If someone has a 32bit CPU or OS, I don't think they consider them self a serious gamer. Not to mention their computer might not meet any of the minimum requirements anyway. We need something to move graphics forward. Do we want to be stuck at the xbox level? At some point it's gotta go, just like 16bit and those before it. Now, someone start talking about 128bit.

Guest said:

Yep.for today's and tomorrow's gaming desktops, we need to dump 32bit OS and also the same tried windows 95 desktop metaphor. It's almost 20yrs and I can't believe people can't evolve beyond the "start" button.

Guest said:

I love comments like that, as if you had any clue what could do the job as well as a start menu. So far nothing has surpassed the speed and ease of use XP's UI gave us. Windows 7 could have been amazing - all the tools were there, but as usual Microsoft created some cool UI stuff and then barely used it (or used it incorrectly). Windows 8 certainly isn't going to make any headway..its shaping up to be Microsoft's single biggest failure since Bob. Hopefully it will serve as a wake up call.

Guest said:

They recomended you had win7 x64 for BF3 but the damb thing still only runs in a 32bit browser and game client its still a very buggy game if BF3 was x64 and pc only there would have been far less crashes and bugs ,Im all for x64 OS but after Crysis and Warhead there has been no Native x64 bit games since bit of a shame really and that was 2007.

Quantic Dream boss David Cage favors new ideas over more technological capability and he recently Said we don't need to see new consoles until 2017 LOL:D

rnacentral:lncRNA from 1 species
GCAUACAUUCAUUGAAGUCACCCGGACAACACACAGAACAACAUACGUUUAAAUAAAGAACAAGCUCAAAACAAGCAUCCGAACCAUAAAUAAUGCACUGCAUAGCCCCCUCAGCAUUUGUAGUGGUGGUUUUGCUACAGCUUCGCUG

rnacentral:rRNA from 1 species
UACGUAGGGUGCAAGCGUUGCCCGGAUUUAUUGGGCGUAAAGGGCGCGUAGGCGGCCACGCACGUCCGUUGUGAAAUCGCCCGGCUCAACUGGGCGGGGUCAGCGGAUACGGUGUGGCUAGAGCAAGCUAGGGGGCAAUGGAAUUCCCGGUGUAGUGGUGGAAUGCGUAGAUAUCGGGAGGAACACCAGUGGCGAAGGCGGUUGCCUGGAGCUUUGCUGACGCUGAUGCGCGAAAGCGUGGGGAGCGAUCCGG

Guest said:

" Windows 8 certainly isn't going to make any headway..its shaping up to be Microsoft's single biggest failure "

I don't know about that. But I've been using the Windows 8 CP as my test production OS and I'm more in tune and more productive with it.

I can bring up a whole bevy of stuff just right clicking on the start menu hot corner (control panel/device manager/power options).

If you want to stick to the win95 desktop that's your call. I would assume by 2020 we'd have evolved beyond that no?

Johnny Utah said:

People still use 32 Bit OS?

Guest said:

Wasn't the use of more than 4 gigs of ram the only benefict of a 64bits s.o?

cliffordcooley cliffordcooley, TechSpot Paladin, said:

<p>Wasn't the use of more than 4 gigs of ram the only benefict of a 64bits s.o?</p>
No thats not the only benefit. Memory is not the only thing that can be addressed or indexed.

gwailo247, TechSpot Chancellor, said:

<p>I love comments like that, as if you had any clue what could do the job as well as a start menu. So far nothing has surpassed the speed and ease of use XP's UI gave us. Windows 7 could have been amazing - all the tools were there, but as usual Microsoft created some cool UI stuff and then barely used it (or used it incorrectly). Windows 8 certainly isn't going to make any headway..its shaping up to be Microsoft's single biggest failure since Bob. Hopefully it will serve as a wake up call.</p>

I love it. First sentence, call out a person for being stupid. Second sentence...hahahaha.

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Per Hansson Per Hansson, TS Server Guru, said:

"That is, of course, if you already have a 32-bit processor."

I think you meant:

"That is, of course, if you already have a 64-bit processor."

I'm glad DICE is pushing progress forward, so little has happend in PC gaming for the last 5 years it makes me sad